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Macbeth Theme Analysis: Fate
Transcript of Macbeth Theme Analysis: Fate
Macbeth sends two murderers to kill Banquo, he believes that fate has challenged him because of the witches' prophecy which tells him that Banquo's descendants will be kings of Scotland.
Macbeth, after hearing the witches' prophecy, believes that it is chance rather than fate for him to become king. Later, he decides that "chance" needs some help, which leads him to murder Duncan.
Three apparitions appear to deliver the messages of Macbeth's fate to him, the first which tells him to beware Macduff, the second tells him no man of woman born can harm him, and the third ensuring to trust in fate. Macbeth is going to kill Macduff in order to make sure that fate keeps its promise.
"If chance will have me king, why, chance may crown me, Without my stir"
"What should be spoken here, where our fate,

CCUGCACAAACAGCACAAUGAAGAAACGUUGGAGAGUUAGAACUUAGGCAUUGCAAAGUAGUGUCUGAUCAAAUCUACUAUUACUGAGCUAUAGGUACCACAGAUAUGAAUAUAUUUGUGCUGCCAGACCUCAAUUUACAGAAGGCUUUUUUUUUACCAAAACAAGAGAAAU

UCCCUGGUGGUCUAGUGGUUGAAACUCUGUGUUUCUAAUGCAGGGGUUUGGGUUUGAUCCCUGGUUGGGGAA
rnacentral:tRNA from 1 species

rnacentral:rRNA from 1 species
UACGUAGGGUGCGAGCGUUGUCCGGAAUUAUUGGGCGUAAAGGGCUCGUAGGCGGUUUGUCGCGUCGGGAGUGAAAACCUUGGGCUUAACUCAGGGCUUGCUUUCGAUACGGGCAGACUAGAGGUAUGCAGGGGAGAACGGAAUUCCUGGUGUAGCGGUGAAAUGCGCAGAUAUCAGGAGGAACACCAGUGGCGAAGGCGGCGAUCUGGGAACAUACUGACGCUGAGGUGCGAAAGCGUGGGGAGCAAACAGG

Hid in an auger-hole, may rush, and seize us?"
"Rather than so, come fate into the list,
And champion me to the utterance!"
"Then live, Macduff; what need I fear of thee?
But yet I'll make assurance double sure,
And take a bond of fate: thou shalt not live;
That I may tell pale-hearted fear it lies,
And sleep in spite of thunder."
"The spirits that know
All mortal consequences have pronounced me thus: 'Fear not, Macbeth; no man that's born of woman Shall e'er have power upon thee'"
As the English army approaches, Macbeth tries to convince himself that he will be safe. Thus Macbeth puts his faith in the powers of fate.
Malcolm and Donalbain notice something fishy after the death of their father, and flee to escape the "fate" that they believe will become them.